Bogdan Turek in Warsaw -
EU countries are slowly gearing up for the implementation of a new requirement that will require construction of only low-energy houses after 2020. Emerging Europe, unsurprisingly, trails far behind Western Europe in building this so-called "passive housing."
In an effort to slash the use of energy by homeowners by some 40%, the European Commission outlined late in 2010 the energy-saving programme in the draft document Energy 2020, which in 18 months is expected to take legislative form. It will emphasize the need for better insulation needs of houses by 2020; afterwards, only houses with very low energy use that process the warmth generated by the occupants into heating energy - will get permission to be built.
Jan Popczyk, an energy expert in the Politechnical School in Gliwice, southwestern Poland, said that construction of super-modern passive houses will revolutionize the building industry and drastically cut the demand for energy. "At present, the awareness is growing that construction of passive houses and low-energy houses is within reach," Popczyk says. "The people must also be aware of the fact that after 2020, only such houses will be allowed to be built."
Construction experts say that out of the total of global energy generated, construction-related industries use up to 40%, an indication of how great the potential in the sector for energy saving. "If we implement the rule on the construction of passive houses, all the projections dealing with the use of energy will be turned upside down," Popczyk claims.
Passive houses built according to special construction systems get required heating and air conditioning at low cost. They do not need a traditional heating system. Good insulation, the use of solar energy and heat generated by household appliances, and heat recovery from ventilation reduce demand for energy almost to zero. It has been calculated that a passive house does not use more than 15 kilowattt hours of energy per square metre (kWh/sqm) annually, while the average annual use of energy in Polish houses amounts to 180 kWh/sqm and, in the countries of the original EU, the average is about 85 kWh/sqm.
The "old" 15 EU members have already taken the lead in building energy-efficient houses. In Finland, they account for 93% of all the houses built. Germany goes green with about 30% of its housing construction, followed by the UK with 20% and Austria with 12%. The Czech Republic trails far behind with 2%, Slovakia with 1%, and Poland - which must spend €90bn by 2020 to cut emissions by 20% and increase energy efficiency by the same amount - languishes at the very bottom.
Szymon Firlag, a leading construction expert in the Institute of Passive Houses in Warsaw, says this part of the construction business is not valued by the government, though Poland is the first country in CEE to have several energy-efficient houses built near the city of Wroclaw. "There is a growing trend, but the growth rate is not satisfactory," Firlag says. "Unfortunately, the government does not support the idea and the developers are left alone."
Popczyk says that not only high costs of the construction of passive houses but their unattractive architectural design discourage potential owners. The houses have bigger windows than traditional houses and the window panes are specially designed to generate energy from the sun. Roofs are steeper in order to hold solar panels. "We pay a lot for the look of a traditional house not thinking much about the energy," says Popczyk. "If we decided to pay less for the look, we could spend more money for the energy-generating technologies and overall cost of the house would not have to be very high."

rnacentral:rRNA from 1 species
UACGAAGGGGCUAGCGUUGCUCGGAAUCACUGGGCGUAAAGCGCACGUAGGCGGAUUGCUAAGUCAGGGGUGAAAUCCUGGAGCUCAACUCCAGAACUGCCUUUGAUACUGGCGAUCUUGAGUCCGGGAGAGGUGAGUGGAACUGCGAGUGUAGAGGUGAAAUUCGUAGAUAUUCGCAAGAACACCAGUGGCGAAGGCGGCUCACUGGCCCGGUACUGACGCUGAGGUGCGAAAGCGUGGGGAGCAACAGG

Making old new
Before Poland and the other new member states get to the point where only high-tech passive houses will be built, they must improve energy efficiency in old houses. "There are several million old detached houses in Poland and about 10,000 new detached houses are being built annually," Popczyk says. "There is a huge potential for thermo-insulation of all of them to boost energy efficiency before the construction of passive houses after 2020."
The construction firms admit they must look to the future and insist they are discouraged by the higher cost of modern investments. "Energy efficient housing construction is slowly creeping into the Polish market," Bartosz Turek, an analyst of the real estate business, says. "The low return of profit from this kind of investment may deter because the return of profits is expected to take place in many years to come."
"The developers who build such houses are getting an upper hand over the competitors who do not do it," Turek says, adding that already now about 20% of new housing projects employ energy-saving technologies such as solar panels or heat pumps.
The developers also say that tough energy efficiency rules, which are going to be compulsory after 2020, prompted them to take over the initiative in promoting and building energy-efficient houses. "We enrich our offers [by] introducing more and more energy-efficient technologies and later we will reach the final target, which is construction of passive houses," Marcin Gesing, an official for Skanska Poland, says.
Office space in so-called Green Buildings, where energy use is about 25% less than in traditional office buildings, are becoming more and more popular. "The energy efficiency is becoming an asset for which the clients are ready to pay higher prices at a time when costs of energy are growing," says Paulina Misiak, an official in the Cushman and Wakefield Company.
At least eight environmentally friendly office buildings are operating in Warsaw, and more are to be built in Gdansk and Katowice. Most of them have been awarded ecological certificates such as the BRE Environmental Assessment Method or Leadership in Energy and Environmental Design.
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